Often the "Founding Fathers" of the United States are quoted in an effort (1) to make them appear to have been biblical Christians, and especially (2) to make the U.S. a nation politically founded on Christianity. The rhetoric is especially prevalent during national holidays, times of disaster, and pre-election periods.
Yet the early church, like its founder, was apolitical. We should beware those who project their political or religious agenda onto respected heroes of the past, when the evidence suggests otherwise.
Depending on your knowledge of history, you may be surprised by some of the following quotes.
1. "... The Government of the United States of America is not, in any sense, founded on the Christian religion..."
2. "To talk of immaterial existences is to talk of nothings. To say that the human soul, angels, god, are immaterial, is to say they are nothings, or that there is no god, no angels, no soul. I cannot reason otherwise... without plunging into the fathomless abyss of dreams and phantasms. I am satisfied, and sufficiently occupied with the things which are, without tormenting or troubling myself about those which may indeed be, but of which I have no evidence."
3. "I have examined all the known superstitions of the world, and I do not find in our particular superstition of Christianity one redeeming feature. They are all alike founded on fables and mythology."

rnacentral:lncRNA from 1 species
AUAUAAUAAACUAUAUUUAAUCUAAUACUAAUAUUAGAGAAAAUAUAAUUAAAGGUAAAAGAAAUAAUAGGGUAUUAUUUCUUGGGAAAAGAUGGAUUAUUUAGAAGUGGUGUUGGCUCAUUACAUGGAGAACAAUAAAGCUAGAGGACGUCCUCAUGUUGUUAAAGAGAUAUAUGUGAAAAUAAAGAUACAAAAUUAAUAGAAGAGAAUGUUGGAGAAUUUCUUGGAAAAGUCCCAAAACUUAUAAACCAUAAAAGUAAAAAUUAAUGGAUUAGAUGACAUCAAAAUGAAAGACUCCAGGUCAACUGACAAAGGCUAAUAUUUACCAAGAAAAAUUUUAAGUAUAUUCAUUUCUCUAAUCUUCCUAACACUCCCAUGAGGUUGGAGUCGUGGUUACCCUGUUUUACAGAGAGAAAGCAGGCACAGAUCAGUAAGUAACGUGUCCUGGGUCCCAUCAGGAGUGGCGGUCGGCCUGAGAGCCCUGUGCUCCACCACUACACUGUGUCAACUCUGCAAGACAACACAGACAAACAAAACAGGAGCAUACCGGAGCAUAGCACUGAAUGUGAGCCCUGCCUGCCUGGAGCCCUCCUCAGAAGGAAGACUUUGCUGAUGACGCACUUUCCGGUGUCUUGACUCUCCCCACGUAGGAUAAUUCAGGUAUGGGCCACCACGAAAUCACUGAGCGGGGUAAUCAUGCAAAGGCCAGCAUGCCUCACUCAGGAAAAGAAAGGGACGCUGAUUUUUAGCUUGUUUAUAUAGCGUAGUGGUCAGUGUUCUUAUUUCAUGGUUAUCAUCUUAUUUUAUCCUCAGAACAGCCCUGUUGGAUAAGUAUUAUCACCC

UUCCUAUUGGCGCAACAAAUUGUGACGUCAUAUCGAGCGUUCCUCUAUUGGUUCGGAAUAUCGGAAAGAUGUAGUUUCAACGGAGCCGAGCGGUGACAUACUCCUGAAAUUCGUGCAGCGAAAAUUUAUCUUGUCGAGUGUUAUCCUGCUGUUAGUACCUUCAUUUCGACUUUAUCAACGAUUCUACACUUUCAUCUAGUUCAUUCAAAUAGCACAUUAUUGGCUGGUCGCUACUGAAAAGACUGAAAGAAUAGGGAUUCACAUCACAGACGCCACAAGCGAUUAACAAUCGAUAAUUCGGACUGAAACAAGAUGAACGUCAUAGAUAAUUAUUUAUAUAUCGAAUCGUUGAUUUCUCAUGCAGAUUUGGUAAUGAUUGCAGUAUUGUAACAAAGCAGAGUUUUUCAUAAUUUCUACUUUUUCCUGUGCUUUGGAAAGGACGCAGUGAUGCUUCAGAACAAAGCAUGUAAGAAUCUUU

4. "Lighthouses are more useful than churches."
5. "And the day will come when the mystical generation of Jesus, by the supreme being as his father in the womb of a virgin will be classed with the fable of the generation of Minerve in the brain of Jupiter. But may we hope that the dawn of reason and freedom of thought in these United States will do away with this artificial scaffolding, and restore to us the primitive and genuine doctrines of this most venerated reformer of human errors."
6. "It is the duty of every true Deist to vindicate the moral justice of God against the evils of the Bible."
7. "Christianity is the most perverted system that ever shone on man."
1. From the Treaty of Tripoli, endorsed by George Washington and John Adams. The Founding Fathers were adamant that church must be separate from state, based on centuries of abuse and oppression resulting from the commingling of the two (since the 4th C. AD).
2. Thomas Jefferson. He was a deist, not a theist. Making due allowance for the ambient culture of his day, Jefferson would likely have gravitated toward atheism had he lived in our day.
3. Thomas Jefferson.
4. Benjamin Franklin. Although Franklin had a religious streak, he was quite disaffected with the Christianity of his day -- as well we might have been, too.
5. Thomas Jefferson.
6. Thomas Paine. Atheism was more unpopular in the 18th century than it is in our modern day.
7. Thomas Jefferson.